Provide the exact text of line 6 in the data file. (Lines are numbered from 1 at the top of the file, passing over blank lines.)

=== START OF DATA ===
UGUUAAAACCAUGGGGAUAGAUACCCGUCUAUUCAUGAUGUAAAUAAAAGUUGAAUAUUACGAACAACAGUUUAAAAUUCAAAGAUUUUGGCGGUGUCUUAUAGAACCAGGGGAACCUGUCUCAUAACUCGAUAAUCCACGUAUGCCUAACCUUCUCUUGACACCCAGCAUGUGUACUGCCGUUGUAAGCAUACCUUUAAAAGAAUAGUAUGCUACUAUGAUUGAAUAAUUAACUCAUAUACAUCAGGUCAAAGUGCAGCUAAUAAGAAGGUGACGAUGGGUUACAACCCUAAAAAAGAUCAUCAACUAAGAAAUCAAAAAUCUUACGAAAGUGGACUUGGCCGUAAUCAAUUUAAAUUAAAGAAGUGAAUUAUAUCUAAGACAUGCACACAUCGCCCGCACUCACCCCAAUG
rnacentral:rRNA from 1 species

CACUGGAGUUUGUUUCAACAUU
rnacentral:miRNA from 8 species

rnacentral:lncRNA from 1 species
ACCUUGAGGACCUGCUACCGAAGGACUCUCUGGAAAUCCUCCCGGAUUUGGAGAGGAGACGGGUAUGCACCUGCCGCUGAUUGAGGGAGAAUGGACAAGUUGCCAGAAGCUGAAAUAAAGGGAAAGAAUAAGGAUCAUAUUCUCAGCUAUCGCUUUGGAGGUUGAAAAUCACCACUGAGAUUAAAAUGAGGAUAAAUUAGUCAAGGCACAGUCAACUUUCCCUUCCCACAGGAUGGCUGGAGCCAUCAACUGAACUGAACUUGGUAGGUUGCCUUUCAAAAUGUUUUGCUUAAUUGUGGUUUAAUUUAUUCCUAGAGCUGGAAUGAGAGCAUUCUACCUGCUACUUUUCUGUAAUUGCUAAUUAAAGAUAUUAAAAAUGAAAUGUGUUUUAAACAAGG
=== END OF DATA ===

ACCUUGAGGACCUGCUACCGAAGGACUCUCUGGAAAUCCUCCCGGAUUUGGAGAGGAGACGGGUAUGCACCUGCCGCUGAUUGAGGGAGAAUGGACAAGUUGCCAGAAGCUGAAAUAAAGGGAAAGAAUAAGGAUCAUAUUCUCAGCUAUCGCUUUGGAGGUUGAAAAUCACCACUGAGAUUAAAAUGAGGAUAAAUUAGUCAAGGCACAGUCAACUUUCCCUUCCCACAGGAUGGCUGGAGCCAUCAACUGAACUGAACUUGGUAGGUUGCCUUUCAAAAUGUUUUGCUUAAUUGUGGUUUAAUUUAUUCCUAGAGCUGGAAUGAGAGCAUUCUACCUGCUACUUUUCUGUAAUUGCUAAUUAAAGAUAUUAAAAAUGAAAUGUGUUUUAAACAAGG